permit, of keeping abreast of the ac
tive mining developments. This nec
essitated the limitation of the opera
tions to the fields of know i economic
importance, to the neglect of unex
plored regions.
“Nine expeditions were dispatched to
Alaska during tin* summer of 1904. As
some of these were subdivided, four
teen parties in all w<>re engaged in
surveys during most of the summer.
The geologic work included a continu
ation of the study of the gold and cop
per hearing regions of Southeastern
Alaska, of the gold-placer districts of
the Yukon-Tanana region, of the Sew
ard Peninsula, and of the Cook Inlet
region; also a reconnoissance of the
Cape Lisburne coal fields and a contin
uation of the study of the coal-bearing
rooks of the Pacific littoral. Incident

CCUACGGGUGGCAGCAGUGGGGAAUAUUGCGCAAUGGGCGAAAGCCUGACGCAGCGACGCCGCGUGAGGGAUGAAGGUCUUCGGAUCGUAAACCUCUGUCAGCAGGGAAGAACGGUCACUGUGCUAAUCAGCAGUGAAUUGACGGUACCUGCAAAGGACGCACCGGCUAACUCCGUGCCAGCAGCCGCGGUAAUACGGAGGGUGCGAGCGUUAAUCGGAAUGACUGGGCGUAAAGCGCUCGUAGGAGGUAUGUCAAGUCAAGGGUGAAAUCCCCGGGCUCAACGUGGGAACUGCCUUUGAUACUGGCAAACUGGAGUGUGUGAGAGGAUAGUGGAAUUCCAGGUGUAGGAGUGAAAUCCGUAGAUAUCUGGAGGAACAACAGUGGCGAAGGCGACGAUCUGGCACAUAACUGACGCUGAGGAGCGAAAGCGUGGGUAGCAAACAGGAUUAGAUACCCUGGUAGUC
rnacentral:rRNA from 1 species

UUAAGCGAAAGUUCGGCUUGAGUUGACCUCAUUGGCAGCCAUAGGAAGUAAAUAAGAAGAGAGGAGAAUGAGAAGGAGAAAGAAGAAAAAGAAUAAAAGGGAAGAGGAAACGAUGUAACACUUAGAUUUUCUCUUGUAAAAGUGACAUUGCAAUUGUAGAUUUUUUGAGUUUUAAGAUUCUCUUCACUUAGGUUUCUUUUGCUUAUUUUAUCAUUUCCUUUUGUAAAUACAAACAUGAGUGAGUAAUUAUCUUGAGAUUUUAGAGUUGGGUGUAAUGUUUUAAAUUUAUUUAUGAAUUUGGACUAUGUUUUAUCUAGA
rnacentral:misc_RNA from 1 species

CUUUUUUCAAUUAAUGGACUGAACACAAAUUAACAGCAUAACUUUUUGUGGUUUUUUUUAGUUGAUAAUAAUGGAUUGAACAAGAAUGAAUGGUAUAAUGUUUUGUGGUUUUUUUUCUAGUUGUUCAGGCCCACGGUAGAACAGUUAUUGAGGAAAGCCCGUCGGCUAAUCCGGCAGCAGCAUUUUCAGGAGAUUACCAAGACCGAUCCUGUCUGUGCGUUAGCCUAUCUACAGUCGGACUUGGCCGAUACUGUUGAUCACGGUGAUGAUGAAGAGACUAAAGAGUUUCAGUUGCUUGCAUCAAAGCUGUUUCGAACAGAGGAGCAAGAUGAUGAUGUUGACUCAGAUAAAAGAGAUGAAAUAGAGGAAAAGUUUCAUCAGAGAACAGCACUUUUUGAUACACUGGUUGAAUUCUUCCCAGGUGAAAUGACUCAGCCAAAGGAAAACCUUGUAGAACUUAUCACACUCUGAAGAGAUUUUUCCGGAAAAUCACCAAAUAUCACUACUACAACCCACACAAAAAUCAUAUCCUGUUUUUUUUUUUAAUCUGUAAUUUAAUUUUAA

al to this a further study of the petro
leum fields and tin deposits was made.
Topographic reconnoissanee surveys
(scale 1:250,000) were made of 4,500
square miles in the Yukon-Tanana re
gion, and of 1,600 square miles in the
Cook Inlet region, and a detailed map
(1:62,500) was made of about 600 square
miles near Nome. Of greater immedi
ate interest to the miner was an inves
tigation of the methods and costs of
placer mining in Alaska, the report on
which has been published (Bulletin
No- 262). _
Indians Sell Meat to Dawsoo
A great train of dog teams arrived
in Dawson this morning from the
Rocky mountains with tons of fresh
meat for the Dawson market. Twenty
five Peel river braves, two mothers of
the tribe and two children made the
journey with the party.
The outfit was eight sleeps making
the journey from the hunting grounds
to Dawson. The meat brought is cari
bou and mountain sheep. Little moose
was found by the Indians this time.
The dog teams are among the finest
ever seen here, and all the animals are
gaily decorated with ribbons and ro
settes made by tho native women.
—Dawson News.